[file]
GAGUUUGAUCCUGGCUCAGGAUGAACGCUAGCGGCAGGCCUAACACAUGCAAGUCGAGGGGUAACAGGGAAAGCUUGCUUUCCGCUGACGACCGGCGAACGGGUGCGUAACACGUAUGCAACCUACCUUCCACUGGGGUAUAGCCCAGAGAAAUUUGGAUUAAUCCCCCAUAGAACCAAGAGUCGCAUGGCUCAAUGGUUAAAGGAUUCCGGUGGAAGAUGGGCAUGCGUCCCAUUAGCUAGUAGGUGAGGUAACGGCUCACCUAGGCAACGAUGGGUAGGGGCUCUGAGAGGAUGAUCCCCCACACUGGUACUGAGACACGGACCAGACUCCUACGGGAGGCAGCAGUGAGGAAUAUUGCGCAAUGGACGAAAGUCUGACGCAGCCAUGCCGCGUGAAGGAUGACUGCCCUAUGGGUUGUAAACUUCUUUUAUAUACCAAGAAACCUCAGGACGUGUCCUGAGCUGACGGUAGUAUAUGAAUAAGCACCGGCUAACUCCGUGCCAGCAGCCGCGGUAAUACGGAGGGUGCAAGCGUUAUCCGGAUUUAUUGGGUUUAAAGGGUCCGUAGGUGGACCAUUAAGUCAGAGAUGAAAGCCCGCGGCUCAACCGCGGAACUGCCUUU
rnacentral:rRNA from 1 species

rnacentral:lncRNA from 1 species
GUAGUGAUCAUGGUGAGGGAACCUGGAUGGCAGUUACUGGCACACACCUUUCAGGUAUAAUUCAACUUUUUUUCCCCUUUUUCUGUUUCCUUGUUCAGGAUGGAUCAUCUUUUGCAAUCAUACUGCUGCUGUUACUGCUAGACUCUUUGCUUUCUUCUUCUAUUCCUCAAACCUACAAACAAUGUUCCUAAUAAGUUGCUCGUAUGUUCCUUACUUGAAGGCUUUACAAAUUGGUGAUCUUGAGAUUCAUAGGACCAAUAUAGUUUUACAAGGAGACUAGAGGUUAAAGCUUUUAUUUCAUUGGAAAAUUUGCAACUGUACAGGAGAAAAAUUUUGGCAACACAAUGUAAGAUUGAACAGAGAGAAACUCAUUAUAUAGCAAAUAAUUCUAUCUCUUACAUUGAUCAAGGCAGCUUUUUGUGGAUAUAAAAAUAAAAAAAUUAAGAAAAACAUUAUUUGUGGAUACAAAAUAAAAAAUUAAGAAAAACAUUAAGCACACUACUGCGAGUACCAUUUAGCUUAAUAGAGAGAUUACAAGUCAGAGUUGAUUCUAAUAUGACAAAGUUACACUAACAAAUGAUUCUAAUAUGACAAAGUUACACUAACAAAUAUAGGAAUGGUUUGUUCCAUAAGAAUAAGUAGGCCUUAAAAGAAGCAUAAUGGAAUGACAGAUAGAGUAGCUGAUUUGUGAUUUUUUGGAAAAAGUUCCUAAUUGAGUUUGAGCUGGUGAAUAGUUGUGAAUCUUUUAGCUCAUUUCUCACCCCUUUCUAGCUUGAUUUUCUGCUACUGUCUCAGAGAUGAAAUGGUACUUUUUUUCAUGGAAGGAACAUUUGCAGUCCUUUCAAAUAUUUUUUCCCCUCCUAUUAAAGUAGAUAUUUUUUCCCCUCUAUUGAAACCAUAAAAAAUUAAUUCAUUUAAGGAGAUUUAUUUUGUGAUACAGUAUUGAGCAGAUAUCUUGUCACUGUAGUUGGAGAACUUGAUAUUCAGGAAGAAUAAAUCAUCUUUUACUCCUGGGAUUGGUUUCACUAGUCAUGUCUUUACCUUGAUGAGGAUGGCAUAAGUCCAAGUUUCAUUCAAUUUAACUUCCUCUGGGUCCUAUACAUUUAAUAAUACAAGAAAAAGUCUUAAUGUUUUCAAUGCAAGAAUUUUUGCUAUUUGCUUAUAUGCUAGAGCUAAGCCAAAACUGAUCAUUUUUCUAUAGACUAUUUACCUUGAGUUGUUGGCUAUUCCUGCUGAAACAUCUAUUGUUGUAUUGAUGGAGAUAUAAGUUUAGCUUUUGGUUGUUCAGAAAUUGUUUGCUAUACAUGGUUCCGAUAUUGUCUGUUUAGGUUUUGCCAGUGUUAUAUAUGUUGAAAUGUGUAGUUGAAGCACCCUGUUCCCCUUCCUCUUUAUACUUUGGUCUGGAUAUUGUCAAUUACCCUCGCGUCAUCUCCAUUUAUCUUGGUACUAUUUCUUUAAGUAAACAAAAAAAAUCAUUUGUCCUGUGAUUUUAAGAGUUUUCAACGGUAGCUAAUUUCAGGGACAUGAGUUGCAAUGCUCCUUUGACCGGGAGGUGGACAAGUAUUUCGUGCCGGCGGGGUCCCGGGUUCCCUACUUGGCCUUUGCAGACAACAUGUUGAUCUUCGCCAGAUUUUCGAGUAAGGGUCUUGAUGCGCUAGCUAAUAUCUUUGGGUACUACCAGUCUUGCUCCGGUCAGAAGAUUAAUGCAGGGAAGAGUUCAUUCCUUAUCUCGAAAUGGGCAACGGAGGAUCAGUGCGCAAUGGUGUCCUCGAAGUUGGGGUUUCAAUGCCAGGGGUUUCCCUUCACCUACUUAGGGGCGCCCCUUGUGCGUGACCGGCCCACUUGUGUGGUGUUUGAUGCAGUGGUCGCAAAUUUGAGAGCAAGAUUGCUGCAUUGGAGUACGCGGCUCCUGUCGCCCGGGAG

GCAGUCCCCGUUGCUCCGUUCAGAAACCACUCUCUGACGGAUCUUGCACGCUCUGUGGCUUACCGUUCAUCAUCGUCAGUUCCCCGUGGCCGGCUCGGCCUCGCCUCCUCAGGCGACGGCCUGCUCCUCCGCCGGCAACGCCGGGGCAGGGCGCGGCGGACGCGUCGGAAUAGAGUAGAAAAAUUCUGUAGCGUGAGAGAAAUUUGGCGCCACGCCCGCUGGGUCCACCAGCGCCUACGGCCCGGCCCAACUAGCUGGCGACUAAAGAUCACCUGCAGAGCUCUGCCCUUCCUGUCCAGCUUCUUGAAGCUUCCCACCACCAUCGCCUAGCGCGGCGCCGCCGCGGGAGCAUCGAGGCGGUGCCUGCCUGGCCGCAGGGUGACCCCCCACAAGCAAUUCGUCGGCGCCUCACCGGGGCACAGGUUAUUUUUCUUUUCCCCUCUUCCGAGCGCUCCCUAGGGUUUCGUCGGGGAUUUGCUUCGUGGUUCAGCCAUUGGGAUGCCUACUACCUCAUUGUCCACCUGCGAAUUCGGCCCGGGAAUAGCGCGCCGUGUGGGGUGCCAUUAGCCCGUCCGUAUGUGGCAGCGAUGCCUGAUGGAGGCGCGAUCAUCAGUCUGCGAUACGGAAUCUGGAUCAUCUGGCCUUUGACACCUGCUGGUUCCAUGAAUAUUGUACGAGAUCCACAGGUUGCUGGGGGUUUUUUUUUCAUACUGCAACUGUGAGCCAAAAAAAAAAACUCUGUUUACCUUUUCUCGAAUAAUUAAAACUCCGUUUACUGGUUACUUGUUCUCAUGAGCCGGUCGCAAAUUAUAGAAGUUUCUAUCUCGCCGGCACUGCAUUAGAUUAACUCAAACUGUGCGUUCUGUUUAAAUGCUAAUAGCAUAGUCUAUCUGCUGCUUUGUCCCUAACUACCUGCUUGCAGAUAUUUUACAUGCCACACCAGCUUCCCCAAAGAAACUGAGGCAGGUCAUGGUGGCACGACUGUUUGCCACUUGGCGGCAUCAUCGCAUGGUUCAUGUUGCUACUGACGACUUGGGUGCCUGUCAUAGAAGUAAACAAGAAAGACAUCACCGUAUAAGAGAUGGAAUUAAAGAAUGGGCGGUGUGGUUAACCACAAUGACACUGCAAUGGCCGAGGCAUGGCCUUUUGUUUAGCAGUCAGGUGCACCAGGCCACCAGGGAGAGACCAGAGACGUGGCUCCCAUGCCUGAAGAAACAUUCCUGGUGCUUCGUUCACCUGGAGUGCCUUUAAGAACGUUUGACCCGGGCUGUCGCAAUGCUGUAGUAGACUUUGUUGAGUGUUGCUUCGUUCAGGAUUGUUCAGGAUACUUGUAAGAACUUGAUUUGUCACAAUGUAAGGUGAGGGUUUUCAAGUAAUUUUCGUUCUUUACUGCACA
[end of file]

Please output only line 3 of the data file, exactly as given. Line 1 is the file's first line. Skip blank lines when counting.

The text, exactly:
rnacentral:lncRNA from 1 species